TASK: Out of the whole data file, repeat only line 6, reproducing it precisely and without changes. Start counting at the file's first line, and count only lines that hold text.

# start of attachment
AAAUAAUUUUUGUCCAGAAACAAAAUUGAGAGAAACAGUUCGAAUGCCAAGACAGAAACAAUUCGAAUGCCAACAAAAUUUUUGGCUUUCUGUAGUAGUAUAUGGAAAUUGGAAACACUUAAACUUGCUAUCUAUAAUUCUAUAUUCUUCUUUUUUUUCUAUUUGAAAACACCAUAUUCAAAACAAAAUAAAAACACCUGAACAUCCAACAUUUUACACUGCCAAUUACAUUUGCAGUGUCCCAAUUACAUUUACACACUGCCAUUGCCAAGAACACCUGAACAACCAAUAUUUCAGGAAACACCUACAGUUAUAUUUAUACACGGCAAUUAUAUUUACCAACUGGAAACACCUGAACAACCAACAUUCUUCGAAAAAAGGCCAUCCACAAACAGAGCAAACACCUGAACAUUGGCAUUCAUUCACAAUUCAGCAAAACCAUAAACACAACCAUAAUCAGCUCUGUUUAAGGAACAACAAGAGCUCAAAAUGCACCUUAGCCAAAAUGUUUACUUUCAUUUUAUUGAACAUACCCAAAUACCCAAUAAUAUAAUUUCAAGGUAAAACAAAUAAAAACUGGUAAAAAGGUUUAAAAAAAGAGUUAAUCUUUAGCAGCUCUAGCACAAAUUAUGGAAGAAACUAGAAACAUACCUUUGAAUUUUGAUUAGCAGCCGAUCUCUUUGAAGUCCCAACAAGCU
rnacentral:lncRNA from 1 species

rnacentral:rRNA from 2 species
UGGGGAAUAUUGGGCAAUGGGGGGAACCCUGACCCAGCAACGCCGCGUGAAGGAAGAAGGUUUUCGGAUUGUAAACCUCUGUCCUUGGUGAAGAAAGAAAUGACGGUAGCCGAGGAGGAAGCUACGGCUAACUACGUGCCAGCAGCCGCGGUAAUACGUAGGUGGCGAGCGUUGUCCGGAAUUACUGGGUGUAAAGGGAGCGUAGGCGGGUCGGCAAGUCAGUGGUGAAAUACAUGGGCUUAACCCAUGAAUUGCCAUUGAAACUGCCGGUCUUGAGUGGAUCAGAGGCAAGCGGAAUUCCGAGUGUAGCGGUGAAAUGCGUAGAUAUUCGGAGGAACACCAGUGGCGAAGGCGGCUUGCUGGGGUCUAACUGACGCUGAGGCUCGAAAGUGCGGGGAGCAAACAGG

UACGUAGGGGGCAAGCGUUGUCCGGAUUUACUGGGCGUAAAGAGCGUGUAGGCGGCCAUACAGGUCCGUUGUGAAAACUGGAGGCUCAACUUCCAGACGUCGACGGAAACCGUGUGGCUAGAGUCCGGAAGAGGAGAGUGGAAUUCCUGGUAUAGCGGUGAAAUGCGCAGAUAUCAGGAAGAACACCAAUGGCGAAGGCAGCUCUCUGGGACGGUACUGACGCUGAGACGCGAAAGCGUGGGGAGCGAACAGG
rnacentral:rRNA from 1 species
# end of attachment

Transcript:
rnacentral:rRNA from 1 species